April 28, 2011 at 2:38 PM ET
As powerful storm systems continue to roll across the U.S. South this week, the GOES-13 satellite is busy keeping an eye on their progress to provide weather forecasters with imagery to help predict outbreaks of severe weather.
Seen here is an animation of imagery collected between 12:10 pm ET (1610 UTC) on Tuesday to 12:10 pm ET on Thursday. The deadly storms that killed at least 249 people on Wednesday afternoon and evening are clearly seen building up as daytime heating provides the convection, or rising air, that forms thunderstorms. The storm is the deadliest outbreak in nearly 40 years.Typically, the storms wane at night as the temperature cools, but with this particular system, so much energy has come in from the Gulf of Mexico that it's allowing the storms to hold together overnight, Rob Gutro, a NASA spokesman, explained to me today in an email. "That's why there were tornados overnight in the central U.S."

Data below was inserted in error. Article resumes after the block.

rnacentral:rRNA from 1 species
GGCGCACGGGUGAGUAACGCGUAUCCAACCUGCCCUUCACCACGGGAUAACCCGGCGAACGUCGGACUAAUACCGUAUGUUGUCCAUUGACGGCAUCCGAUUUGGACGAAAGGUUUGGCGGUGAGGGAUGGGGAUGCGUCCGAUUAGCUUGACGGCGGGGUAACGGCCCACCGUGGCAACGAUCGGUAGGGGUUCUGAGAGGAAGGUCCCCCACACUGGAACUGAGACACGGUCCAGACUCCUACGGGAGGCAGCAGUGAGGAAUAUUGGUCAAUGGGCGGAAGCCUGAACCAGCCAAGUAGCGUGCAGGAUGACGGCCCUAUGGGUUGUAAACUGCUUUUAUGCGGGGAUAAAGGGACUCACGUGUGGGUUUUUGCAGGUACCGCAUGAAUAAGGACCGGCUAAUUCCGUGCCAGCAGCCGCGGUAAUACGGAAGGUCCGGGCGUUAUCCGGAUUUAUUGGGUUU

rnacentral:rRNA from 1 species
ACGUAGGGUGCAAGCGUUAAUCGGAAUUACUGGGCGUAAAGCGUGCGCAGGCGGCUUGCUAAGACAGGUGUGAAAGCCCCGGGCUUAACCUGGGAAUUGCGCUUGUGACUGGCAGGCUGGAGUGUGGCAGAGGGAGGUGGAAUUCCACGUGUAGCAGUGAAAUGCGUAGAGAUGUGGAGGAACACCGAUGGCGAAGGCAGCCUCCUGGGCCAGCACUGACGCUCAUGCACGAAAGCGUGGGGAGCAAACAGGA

To find the strongest storms in the imagery, look for the whitest clouds. Those typically indicate the highest thunderstorm cloud tops. "The higher the thunderstorm, the stronger it is," Gutro said, adding that research has shown the highest, thus coldest, storm clouds can produce heavy rainfall at rates of around two inches per hour.
The storms continued Thursday with the National Weather Service issuing short-lived tornado warnings for parts of New York, Maryland, South Carolina, Georgia, and Florida, according to the Associated Press.
The Geostationary Operational Environmental Satellite, or GOES-13, monitors weather in the eastern half of the U.S. and is operated by NOAA. The NASA GOES Project at NASA's Goddard Space Flight Center in Greenbelt, Md. creates images and animations from the GOES satellite data.John Roach is a contributing writer for msnbc.com. Connect with the Cosmic Log community by hitting the "like" button on the Cosmic Log Facebook page or following msnbc.com's science editor, Alan Boyle, on Twitter (@b0yle).